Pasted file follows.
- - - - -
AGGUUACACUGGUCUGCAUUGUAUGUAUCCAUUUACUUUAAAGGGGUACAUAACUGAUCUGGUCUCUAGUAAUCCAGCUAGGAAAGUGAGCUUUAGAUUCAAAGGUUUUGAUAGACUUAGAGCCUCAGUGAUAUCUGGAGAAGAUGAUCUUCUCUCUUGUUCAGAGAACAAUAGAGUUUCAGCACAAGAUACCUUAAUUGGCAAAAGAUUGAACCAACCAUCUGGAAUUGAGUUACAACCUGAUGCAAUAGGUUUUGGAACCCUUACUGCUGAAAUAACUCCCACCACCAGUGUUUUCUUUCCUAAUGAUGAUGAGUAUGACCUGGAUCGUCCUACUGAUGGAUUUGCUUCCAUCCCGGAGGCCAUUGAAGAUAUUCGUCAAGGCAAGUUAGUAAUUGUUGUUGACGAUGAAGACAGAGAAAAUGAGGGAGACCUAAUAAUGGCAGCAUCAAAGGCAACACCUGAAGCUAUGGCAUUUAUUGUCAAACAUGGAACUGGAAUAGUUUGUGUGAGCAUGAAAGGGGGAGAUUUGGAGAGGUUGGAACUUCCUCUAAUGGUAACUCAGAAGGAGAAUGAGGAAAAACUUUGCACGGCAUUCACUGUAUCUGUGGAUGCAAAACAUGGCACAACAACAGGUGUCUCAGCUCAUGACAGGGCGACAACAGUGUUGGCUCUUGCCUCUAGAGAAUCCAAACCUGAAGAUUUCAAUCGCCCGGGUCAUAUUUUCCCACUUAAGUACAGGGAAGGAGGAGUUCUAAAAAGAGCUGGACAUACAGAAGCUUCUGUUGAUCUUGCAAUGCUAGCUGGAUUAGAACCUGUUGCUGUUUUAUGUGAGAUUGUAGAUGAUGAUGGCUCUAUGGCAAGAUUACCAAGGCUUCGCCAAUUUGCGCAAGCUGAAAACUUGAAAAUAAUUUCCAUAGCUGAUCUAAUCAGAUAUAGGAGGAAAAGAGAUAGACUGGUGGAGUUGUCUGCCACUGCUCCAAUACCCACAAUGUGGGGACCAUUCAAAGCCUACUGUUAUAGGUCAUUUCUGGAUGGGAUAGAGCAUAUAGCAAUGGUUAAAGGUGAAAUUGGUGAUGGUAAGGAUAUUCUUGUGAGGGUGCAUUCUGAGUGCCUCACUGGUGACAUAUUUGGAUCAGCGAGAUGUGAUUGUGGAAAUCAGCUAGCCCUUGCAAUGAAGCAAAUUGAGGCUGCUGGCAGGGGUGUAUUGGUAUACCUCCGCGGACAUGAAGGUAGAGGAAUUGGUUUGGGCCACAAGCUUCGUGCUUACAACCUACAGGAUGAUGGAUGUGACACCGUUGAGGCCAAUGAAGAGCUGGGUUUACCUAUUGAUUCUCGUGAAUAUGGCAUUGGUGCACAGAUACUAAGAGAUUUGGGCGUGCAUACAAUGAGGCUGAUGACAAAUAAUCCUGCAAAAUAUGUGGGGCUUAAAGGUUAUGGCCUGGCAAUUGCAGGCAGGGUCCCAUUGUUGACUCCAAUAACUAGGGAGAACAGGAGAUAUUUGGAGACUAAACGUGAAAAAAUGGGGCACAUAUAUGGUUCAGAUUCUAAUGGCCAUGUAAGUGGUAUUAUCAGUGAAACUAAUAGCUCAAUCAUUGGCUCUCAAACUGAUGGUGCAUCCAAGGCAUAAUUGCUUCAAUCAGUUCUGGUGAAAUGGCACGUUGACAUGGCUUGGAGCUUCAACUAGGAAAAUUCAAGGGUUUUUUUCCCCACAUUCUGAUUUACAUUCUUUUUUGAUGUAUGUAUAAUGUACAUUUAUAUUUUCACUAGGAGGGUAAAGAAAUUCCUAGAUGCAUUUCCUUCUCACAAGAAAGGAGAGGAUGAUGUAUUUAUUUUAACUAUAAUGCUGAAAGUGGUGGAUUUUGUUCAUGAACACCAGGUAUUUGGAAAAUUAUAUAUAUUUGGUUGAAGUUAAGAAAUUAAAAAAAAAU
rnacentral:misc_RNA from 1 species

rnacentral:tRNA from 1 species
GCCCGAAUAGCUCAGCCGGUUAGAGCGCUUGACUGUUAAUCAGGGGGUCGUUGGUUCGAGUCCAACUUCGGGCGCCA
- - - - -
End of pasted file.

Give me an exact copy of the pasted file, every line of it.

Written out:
AGGUUACACUGGUCUGCAUUGUAUGUAUCCAUUUACUUUAAAGGGGUACAUAACUGAUCUGGUCUCUAGUAAUCCAGCUAGGAAAGUGAGCUUUAGAUUCAAAGGUUUUGAUAGACUUAGAGCCUCAGUGAUAUCUGGAGAAGAUGAUCUUCUCUCUUGUUCAGAGAACAAUAGAGUUUCAGCACAAGAUACCUUAAUUGGCAAAAGAUUGAACCAACCAUCUGGAAUUGAGUUACAACCUGAUGCAAUAGGUUUUGGAACCCUUACUGCUGAAAUAACUCCCACCACCAGUGUUUUCUUUCCUAAUGAUGAUGAGUAUGACCUGGAUCGUCCUACUGAUGGAUUUGCUUCCAUCCCGGAGGCCAUUGAAGAUAUUCGUCAAGGCAAGUUAGUAAUUGUUGUUGACGAUGAAGACAGAGAAAAUGAGGGAGACCUAAUAAUGGCAGCAUCAAAGGCAACACCUGAAGCUAUGGCAUUUAUUGUCAAACAUGGAACUGGAAUAGUUUGUGUGAGCAUGAAAGGGGGAGAUUUGGAGAGGUUGGAACUUCCUCUAAUGGUAACUCAGAAGGAGAAUGAGGAAAAACUUUGCACGGCAUUCACUGUAUCUGUGGAUGCAAAACAUGGCACAACAACAGGUGUCUCAGCUCAUGACAGGGCGACAACAGUGUUGGCUCUUGCCUCUAGAGAAUCCAAACCUGAAGAUUUCAAUCGCCCGGGUCAUAUUUUCCCACUUAAGUACAGGGAAGGAGGAGUUCUAAAAAGAGCUGGACAUACAGAAGCUUCUGUUGAUCUUGCAAUGCUAGCUGGAUUAGAACCUGUUGCUGUUUUAUGUGAGAUUGUAGAUGAUGAUGGCUCUAUGGCAAGAUUACCAAGGCUUCGCCAAUUUGCGCAAGCUGAAAACUUGAAAAUAAUUUCCAUAGCUGAUCUAAUCAGAUAUAGGAGGAAAAGAGAUAGACUGGUGGAGUUGUCUGCCACUGCUCCAAUACCCACAAUGUGGGGACCAUUCAAAGCCUACUGUUAUAGGUCAUUUCUGGAUGGGAUAGAGCAUAUAGCAAUGGUUAAAGGUGAAAUUGGUGAUGGUAAGGAUAUUCUUGUGAGGGUGCAUUCUGAGUGCCUCACUGGUGACAUAUUUGGAUCAGCGAGAUGUGAUUGUGGAAAUCAGCUAGCCCUUGCAAUGAAGCAAAUUGAGGCUGCUGGCAGGGGUGUAUUGGUAUACCUCCGCGGACAUGAAGGUAGAGGAAUUGGUUUGGGCCACAAGCUUCGUGCUUACAACCUACAGGAUGAUGGAUGUGACACCGUUGAGGCCAAUGAAGAGCUGGGUUUACCUAUUGAUUCUCGUGAAUAUGGCAUUGGUGCACAGAUACUAAGAGAUUUGGGCGUGCAUACAAUGAGGCUGAUGACAAAUAAUCCUGCAAAAUAUGUGGGGCUUAAAGGUUAUGGCCUGGCAAUUGCAGGCAGGGUCCCAUUGUUGACUCCAAUAACUAGGGAGAACAGGAGAUAUUUGGAGACUAAACGUGAAAAAAUGGGGCACAUAUAUGGUUCAGAUUCUAAUGGCCAUGUAAGUGGUAUUAUCAGUGAAACUAAUAGCUCAAUCAUUGGCUCUCAAACUGAUGGUGCAUCCAAGGCAUAAUUGCUUCAAUCAGUUCUGGUGAAAUGGCACGUUGACAUGGCUUGGAGCUUCAACUAGGAAAAUUCAAGGGUUUUUUUCCCCACAUUCUGAUUUACAUUCUUUUUUGAUGUAUGUAUAAUGUACAUUUAUAUUUUCACUAGGAGGGUAAAGAAAUUCCUAGAUGCAUUUCCUUCUCACAAGAAAGGAGAGGAUGAUGUAUUUAUUUUAACUAUAAUGCUGAAAGUGGUGGAUUUUGUUCAUGAACACCAGGUAUUUGGAAAAUUAUAUAUAUUUGGUUGAAGUUAAGAAAUUAAAAAAAAAU
rnacentral:misc_RNA from 1 species

rnacentral:tRNA from 1 species
GCCCGAAUAGCUCAGCCGGUUAGAGCGCUUGACUGUUAAUCAGGGGGUCGUUGGUUCGAGUCCAACUUCGGGCGCCA